The next step was to establish the circumstances under which, in a miner with COPD defined in this way and given smoking habits, the disorder could be attributed to work with reasonable certainty. This is the requirement of the law and has been interpreted as meaning “on the balance of probabilities”. It is mathematically equivalent to asking whether, given his smoking habits, a miner’s dust exposure has been sufficient to double his risk of developing COPD. Of course, many miners with COPD attributable to dust on this basis could also have avoided their disease by not smoking. However, the same argument would apply to lung cancer caused by chromates or by work in tin mines, where again benefit is paid irrespective of smoking habits. Epidemiological studies carried out by the Institute of Occupational Medicine (IOM) and others indicate that, in both smokers and non-smokers, the cumulative exposure required to double the risk of disabling COPD is approximately 100–200 gh/m3.3-5

      The problem then was to translate this level of cumulative exposure into an index that could be applied when assessing individual claims. Two approaches were possible, one based on duration of work underground and the other on radiological evidence of dust retention in the lung. Neither was ideal. Exposures underground vary from pit to pit, seam to seam, and year to year, and simply counting years of work underground would fail to account for this variation. Although the presence of category 1 pneumoconiotic changes on the chest radiograph is statistically related to cumulative dust exposure, it is far from being a perfect marker. For example, in one large analysis carried out by the IOM, 64% of 4800 men with exposures exceeding 180 gh/m3 had radiographs classified as category 0.6 In the first place, the Council recommended an exposure criterion based on both duration of working underground (20 years) and a requirement for category 1 changes on the chest radiograph. In retrospect this was perhaps unduly strict, but it had the merit of ensuring that compensation was available to many of the most deserving claimants.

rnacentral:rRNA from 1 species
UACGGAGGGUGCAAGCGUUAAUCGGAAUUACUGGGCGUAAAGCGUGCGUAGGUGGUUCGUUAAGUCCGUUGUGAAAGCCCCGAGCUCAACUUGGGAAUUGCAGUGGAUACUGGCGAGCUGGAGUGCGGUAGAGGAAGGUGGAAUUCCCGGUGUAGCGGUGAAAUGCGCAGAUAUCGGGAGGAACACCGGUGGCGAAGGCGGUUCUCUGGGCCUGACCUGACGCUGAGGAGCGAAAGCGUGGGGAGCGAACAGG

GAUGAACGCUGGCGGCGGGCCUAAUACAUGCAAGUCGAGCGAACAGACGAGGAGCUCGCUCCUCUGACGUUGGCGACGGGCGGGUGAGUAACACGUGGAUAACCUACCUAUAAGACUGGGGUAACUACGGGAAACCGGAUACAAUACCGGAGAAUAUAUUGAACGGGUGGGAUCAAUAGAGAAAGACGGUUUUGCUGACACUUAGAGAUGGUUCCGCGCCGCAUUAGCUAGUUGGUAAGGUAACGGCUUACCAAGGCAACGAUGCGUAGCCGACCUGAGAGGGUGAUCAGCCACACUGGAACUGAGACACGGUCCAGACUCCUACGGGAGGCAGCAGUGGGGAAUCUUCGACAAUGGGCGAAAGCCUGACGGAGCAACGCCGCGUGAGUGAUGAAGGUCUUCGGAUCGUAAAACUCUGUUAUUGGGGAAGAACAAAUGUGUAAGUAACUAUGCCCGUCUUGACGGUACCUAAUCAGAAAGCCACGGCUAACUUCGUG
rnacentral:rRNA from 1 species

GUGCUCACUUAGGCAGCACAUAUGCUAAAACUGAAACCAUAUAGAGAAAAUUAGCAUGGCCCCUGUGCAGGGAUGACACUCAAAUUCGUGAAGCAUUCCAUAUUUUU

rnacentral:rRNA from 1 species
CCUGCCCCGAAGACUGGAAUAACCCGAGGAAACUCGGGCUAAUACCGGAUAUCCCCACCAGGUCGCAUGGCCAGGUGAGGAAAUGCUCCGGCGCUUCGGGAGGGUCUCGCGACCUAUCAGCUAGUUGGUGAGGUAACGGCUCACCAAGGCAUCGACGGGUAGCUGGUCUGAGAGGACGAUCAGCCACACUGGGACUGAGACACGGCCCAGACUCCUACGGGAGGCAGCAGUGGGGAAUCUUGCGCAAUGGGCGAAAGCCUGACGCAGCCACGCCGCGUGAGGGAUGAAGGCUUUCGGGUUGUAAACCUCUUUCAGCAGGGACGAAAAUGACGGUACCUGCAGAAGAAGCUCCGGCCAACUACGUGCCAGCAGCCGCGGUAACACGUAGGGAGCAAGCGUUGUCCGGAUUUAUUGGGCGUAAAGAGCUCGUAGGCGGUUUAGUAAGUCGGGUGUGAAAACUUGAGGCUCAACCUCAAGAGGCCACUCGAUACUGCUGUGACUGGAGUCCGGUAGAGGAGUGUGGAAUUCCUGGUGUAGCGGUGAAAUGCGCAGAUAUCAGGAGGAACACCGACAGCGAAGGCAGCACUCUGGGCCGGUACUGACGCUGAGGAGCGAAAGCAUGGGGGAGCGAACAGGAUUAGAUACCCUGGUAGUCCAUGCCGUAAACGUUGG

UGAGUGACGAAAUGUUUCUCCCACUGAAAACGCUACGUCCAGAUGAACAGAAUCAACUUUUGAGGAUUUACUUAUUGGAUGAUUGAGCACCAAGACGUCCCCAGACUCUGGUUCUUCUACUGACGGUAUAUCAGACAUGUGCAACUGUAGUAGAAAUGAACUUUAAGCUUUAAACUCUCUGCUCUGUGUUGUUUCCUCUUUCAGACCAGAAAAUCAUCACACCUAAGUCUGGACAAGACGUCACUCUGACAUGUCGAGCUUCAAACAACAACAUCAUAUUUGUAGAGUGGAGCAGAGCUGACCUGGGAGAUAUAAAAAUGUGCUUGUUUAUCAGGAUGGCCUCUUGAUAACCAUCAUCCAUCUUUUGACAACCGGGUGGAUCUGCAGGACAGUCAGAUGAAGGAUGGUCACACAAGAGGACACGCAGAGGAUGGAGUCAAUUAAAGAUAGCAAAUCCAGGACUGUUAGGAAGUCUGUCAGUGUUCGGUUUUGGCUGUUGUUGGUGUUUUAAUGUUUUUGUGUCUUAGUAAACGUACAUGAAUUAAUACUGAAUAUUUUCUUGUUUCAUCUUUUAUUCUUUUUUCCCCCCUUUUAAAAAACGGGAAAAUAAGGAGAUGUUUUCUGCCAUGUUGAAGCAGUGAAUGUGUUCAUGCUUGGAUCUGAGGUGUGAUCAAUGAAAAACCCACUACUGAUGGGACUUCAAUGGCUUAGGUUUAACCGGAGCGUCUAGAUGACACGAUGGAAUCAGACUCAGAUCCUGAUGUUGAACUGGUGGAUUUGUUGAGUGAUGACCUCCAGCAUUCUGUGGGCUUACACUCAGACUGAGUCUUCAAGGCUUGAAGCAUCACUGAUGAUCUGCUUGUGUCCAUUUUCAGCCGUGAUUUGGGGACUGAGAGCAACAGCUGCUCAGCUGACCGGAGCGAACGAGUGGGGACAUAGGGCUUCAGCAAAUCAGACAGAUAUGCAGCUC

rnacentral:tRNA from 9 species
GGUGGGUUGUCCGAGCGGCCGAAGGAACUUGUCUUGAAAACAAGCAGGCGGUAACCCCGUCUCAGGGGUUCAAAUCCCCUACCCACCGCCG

Subsequently, new evidence came to light as described by Professor Seaton. The survey by Lewis and colleagues,7 although it had its limitations, indicated that coal mine dust was associated with loss of FEV1 in the absence of pneumoconiosis, a conclusion with which Seaton agrees. Also, a national analysis of occupational mortality found that, whereas death rates from pneumoconiosis in miners varied markedly from county to county, those from COPD were much more uniformly elevated.8 This suggested that the requirement for category 1 pneumoconiosis on the radiograph might be discriminating unfairly against miners in some parts of the country. Seaton postulates that the explanation for the mortality findings lies in diagnostic transfer of COPD deaths to pneumoconiosis in areas where the latter has historically been common and states that, since the 1970s, death from pneumoconiosis has been vanishingly rare. Given that all deaths from occupational disease are referred to a coroner and are investigated at necropsy, this would imply high rates of error by pathologists in the areas concerned, and we are not aware of evidence to support this contention.

      A further problem was that some claimants, who had been refused benefit because they did not have radiographic evidence of pneumoconiosis, had later been shown to have the disease at necropsy, an anomaly which their families not surprisingly regarded as unfair.9

      In the light of these considerations the IIAC took the view that the requirement for radiographic evidence of pneumoconiosis as evidence of dust exposure should be dropped. The requirement for 20 years of work underground continues and is not arbitrary. It is an estimate of the duration of employment that in many mines would have led to a cumulative exposure of 200 gh/m3. With a lowering of dust concentrations in mines, calculation of the duration of exposure sufficient to double the risk of developing COPD may need to be revised, but we do not think this will be necessary for several years at least.